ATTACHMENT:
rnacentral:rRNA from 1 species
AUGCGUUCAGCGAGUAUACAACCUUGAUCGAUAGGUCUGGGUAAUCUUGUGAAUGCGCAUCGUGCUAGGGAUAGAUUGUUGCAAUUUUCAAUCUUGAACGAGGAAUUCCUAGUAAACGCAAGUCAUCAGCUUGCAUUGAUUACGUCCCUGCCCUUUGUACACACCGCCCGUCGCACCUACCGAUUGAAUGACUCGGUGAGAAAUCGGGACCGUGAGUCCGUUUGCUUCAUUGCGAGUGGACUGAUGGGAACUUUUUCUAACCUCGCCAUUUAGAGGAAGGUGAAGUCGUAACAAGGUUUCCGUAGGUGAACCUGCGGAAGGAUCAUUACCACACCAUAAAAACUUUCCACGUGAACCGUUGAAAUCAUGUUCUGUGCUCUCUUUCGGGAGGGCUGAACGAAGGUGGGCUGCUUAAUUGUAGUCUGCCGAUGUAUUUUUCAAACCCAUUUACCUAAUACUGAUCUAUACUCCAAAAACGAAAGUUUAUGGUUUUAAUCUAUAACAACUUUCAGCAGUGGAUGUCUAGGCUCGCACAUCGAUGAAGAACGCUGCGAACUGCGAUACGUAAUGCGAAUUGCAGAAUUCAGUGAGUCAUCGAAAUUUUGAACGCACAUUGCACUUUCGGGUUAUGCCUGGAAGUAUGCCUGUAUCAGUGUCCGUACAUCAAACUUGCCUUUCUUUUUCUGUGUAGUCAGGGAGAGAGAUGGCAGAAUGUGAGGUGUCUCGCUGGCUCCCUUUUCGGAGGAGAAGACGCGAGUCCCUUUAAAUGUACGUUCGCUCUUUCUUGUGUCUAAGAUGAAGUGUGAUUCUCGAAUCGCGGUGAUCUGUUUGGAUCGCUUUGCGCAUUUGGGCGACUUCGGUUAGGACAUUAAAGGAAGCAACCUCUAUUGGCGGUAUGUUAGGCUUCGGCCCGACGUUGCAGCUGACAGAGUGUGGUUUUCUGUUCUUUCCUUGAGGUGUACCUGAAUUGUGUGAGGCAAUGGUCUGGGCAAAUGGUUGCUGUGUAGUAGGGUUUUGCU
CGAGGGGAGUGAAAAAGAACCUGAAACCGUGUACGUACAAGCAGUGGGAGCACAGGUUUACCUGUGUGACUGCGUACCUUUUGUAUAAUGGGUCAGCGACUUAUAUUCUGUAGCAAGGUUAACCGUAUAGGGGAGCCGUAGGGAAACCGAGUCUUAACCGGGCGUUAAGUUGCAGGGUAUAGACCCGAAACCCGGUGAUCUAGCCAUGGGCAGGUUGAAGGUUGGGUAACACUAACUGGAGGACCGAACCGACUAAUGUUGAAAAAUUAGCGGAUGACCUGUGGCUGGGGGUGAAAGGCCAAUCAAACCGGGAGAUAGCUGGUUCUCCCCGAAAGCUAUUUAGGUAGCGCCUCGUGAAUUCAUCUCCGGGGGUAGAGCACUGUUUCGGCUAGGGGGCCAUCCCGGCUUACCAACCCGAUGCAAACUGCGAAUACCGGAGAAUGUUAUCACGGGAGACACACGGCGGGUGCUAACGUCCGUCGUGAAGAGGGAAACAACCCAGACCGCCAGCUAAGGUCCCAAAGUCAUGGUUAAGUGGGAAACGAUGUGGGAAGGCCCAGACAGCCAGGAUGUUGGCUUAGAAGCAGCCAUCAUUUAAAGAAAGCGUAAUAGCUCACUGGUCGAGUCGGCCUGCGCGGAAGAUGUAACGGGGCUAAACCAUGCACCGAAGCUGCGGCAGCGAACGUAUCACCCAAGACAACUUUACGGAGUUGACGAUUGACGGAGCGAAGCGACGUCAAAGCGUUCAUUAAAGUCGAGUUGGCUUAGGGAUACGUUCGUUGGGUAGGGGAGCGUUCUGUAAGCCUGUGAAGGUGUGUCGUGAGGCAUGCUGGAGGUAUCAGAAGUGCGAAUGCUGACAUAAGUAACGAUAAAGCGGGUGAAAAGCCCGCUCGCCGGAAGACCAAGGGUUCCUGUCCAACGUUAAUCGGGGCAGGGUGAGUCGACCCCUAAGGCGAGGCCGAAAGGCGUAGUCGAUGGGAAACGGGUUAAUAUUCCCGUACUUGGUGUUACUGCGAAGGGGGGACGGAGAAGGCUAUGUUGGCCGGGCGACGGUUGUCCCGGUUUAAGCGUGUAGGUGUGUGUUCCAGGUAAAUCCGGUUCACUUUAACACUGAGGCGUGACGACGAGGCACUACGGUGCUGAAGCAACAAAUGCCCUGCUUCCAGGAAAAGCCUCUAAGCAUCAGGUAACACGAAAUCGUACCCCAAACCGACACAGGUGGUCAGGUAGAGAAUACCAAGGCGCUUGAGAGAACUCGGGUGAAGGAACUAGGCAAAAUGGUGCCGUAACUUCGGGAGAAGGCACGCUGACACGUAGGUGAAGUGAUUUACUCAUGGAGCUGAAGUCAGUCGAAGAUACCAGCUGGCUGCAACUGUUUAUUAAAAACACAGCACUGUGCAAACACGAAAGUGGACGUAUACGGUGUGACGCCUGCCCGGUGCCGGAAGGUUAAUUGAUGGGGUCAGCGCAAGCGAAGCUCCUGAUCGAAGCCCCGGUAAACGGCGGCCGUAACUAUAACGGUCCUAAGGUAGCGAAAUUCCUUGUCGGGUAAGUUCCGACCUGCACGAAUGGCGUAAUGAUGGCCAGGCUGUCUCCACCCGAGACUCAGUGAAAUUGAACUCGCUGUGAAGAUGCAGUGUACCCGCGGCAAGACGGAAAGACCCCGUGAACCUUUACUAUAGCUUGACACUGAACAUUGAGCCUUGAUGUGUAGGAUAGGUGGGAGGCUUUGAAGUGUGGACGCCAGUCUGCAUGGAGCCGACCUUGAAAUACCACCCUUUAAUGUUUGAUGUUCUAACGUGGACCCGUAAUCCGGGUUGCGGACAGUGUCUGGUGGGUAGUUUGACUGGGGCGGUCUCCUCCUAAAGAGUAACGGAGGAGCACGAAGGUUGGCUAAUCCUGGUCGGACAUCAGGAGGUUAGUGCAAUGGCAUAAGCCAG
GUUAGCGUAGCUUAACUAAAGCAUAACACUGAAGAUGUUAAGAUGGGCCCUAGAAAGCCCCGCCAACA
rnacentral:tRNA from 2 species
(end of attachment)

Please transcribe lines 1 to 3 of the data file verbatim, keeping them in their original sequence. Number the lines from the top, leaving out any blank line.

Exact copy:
rnacentral:rRNA from 1 species
AUGCGUUCAGCGAGUAUACAACCUUGAUCGAUAGGUCUGGGUAAUCUUGUGAAUGCGCAUCGUGCUAGGGAUAGAUUGUUGCAAUUUUCAAUCUUGAACGAGGAAUUCCUAGUAAACGCAAGUCAUCAGCUUGCAUUGAUUACGUCCCUGCCCUUUGUACACACCGCCCGUCGCACCUACCGAUUGAAUGACUCGGUGAGAAAUCGGGACCGUGAGUCCGUUUGCUUCAUUGCGAGUGGACUGAUGGGAACUUUUUCUAACCUCGCCAUUUAGAGGAAGGUGAAGUCGUAACAAGGUUUCCGUAGGUGAACCUGCGGAAGGAUCAUUACCACACCAUAAAAACUUUCCACGUGAACCGUUGAAAUCAUGUUCUGUGCUCUCUUUCGGGAGGGCUGAACGAAGGUGGGCUGCUUAAUUGUAGUCUGCCGAUGUAUUUUUCAAACCCAUUUACCUAAUACUGAUCUAUACUCCAAAAACGAAAGUUUAUGGUUUUAAUCUAUAACAACUUUCAGCAGUGGAUGUCUAGGCUCGCACAUCGAUGAAGAACGCUGCGAACUGCGAUACGUAAUGCGAAUUGCAGAAUUCAGUGAGUCAUCGAAAUUUUGAACGCACAUUGCACUUUCGGGUUAUGCCUGGAAGUAUGCCUGUAUCAGUGUCCGUACAUCAAACUUGCCUUUCUUUUUCUGUGUAGUCAGGGAGAGAGAUGGCAGAAUGUGAGGUGUCUCGCUGGCUCCCUUUUCGGAGGAGAAGACGCGAGUCCCUUUAAAUGUACGUUCGCUCUUUCUUGUGUCUAAGAUGAAGUGUGAUUCUCGAAUCGCGGUGAUCUGUUUGGAUCGCUUUGCGCAUUUGGGCGACUUCGGUUAGGACAUUAAAGGAAGCAACCUCUAUUGGCGGUAUGUUAGGCUUCGGCCCGACGUUGCAGCUGACAGAGUGUGGUUUUCUGUUCUUUCCUUGAGGUGUACCUGAAUUGUGUGAGGCAAUGGUCUGGGCAAAUGGUUGCUGUGUAGUAGGGUUUUGCU
CGAGGGGAGUGAAAAAGAACCUGAAACCGUGUACGUACAAGCAGUGGGAGCACAGGUUUACCUGUGUGACUGCGUACCUUUUGUAUAAUGGGUCAGCGACUUAUAUUCUGUAGCAAGGUUAACCGUAUAGGGGAGCCGUAGGGAAACCGAGUCUUAACCGGGCGUUAAGUUGCAGGGUAUAGACCCGAAACCCGGUGAUCUAGCCAUGGGCAGGUUGAAGGUUGGGUAACACUAACUGGAGGACCGAACCGACUAAUGUUGAAAAAUUAGCGGAUGACCUGUGGCUGGGGGUGAAAGGCCAAUCAAACCGGGAGAUAGCUGGUUCUCCCCGAAAGCUAUUUAGGUAGCGCCUCGUGAAUUCAUCUCCGGGGGUAGAGCACUGUUUCGGCUAGGGGGCCAUCCCGGCUUACCAACCCGAUGCAAACUGCGAAUACCGGAGAAUGUUAUCACGGGAGACACACGGCGGGUGCUAACGUCCGUCGUGAAGAGGGAAACAACCCAGACCGCCAGCUAAGGUCCCAAAGUCAUGGUUAAGUGGGAAACGAUGUGGGAAGGCCCAGACAGCCAGGAUGUUGGCUUAGAAGCAGCCAUCAUUUAAAGAAAGCGUAAUAGCUCACUGGUCGAGUCGGCCUGCGCGGAAGAUGUAACGGGGCUAAACCAUGCACCGAAGCUGCGGCAGCGAACGUAUCACCCAAGACAACUUUACGGAGUUGACGAUUGACGGAGCGAAGCGACGUCAAAGCGUUCAUUAAAGUCGAGUUGGCUUAGGGAUACGUUCGUUGGGUAGGGGAGCGUUCUGUAAGCCUGUGAAGGUGUGUCGUGAGGCAUGCUGGAGGUAUCAGAAGUGCGAAUGCUGACAUAAGUAACGAUAAAGCGGGUGAAAAGCCCGCUCGCCGGAAGACCAAGGGUUCCUGUCCAACGUUAAUCGGGGCAGGGUGAGUCGACCCCUAAGGCGAGGCCGAAAGGCGUAGUCGAUGGGAAACGGGUUAAUAUUCCCGUACUUGGUGUUACUGCGAAGGGGGGACGGAGAAGGCUAUGUUGGCCGGGCGACGGUUGUCCCGGUUUAAGCGUGUAGGUGUGUGUUCCAGGUAAAUCCGGUUCACUUUAACACUGAGGCGUGACGACGAGGCACUACGGUGCUGAAGCAACAAAUGCCCUGCUUCCAGGAAAAGCCUCUAAGCAUCAGGUAACACGAAAUCGUACCCCAAACCGACACAGGUGGUCAGGUAGAGAAUACCAAGGCGCUUGAGAGAACUCGGGUGAAGGAACUAGGCAAAAUGGUGCCGUAACUUCGGGAGAAGGCACGCUGACACGUAGGUGAAGUGAUUUACUCAUGGAGCUGAAGUCAGUCGAAGAUACCAGCUGGCUGCAACUGUUUAUUAAAAACACAGCACUGUGCAAACACGAAAGUGGACGUAUACGGUGUGACGCCUGCCCGGUGCCGGAAGGUUAAUUGAUGGGGUCAGCGCAAGCGAAGCUCCUGAUCGAAGCCCCGGUAAACGGCGGCCGUAACUAUAACGGUCCUAAGGUAGCGAAAUUCCUUGUCGGGUAAGUUCCGACCUGCACGAAUGGCGUAAUGAUGGCCAGGCUGUCUCCACCCGAGACUCAGUGAAAUUGAACUCGCUGUGAAGAUGCAGUGUACCCGCGGCAAGACGGAAAGACCCCGUGAACCUUUACUAUAGCUUGACACUGAACAUUGAGCCUUGAUGUGUAGGAUAGGUGGGAGGCUUUGAAGUGUGGACGCCAGUCUGCAUGGAGCCGACCUUGAAAUACCACCCUUUAAUGUUUGAUGUUCUAACGUGGACCCGUAAUCCGGGUUGCGGACAGUGUCUGGUGGGUAGUUUGACUGGGGCGGUCUCCUCCUAAAGAGUAACGGAGGAGCACGAAGGUUGGCUAAUCCUGGUCGGACAUCAGGAGGUUAGUGCAAUGGCAUAAGCCAG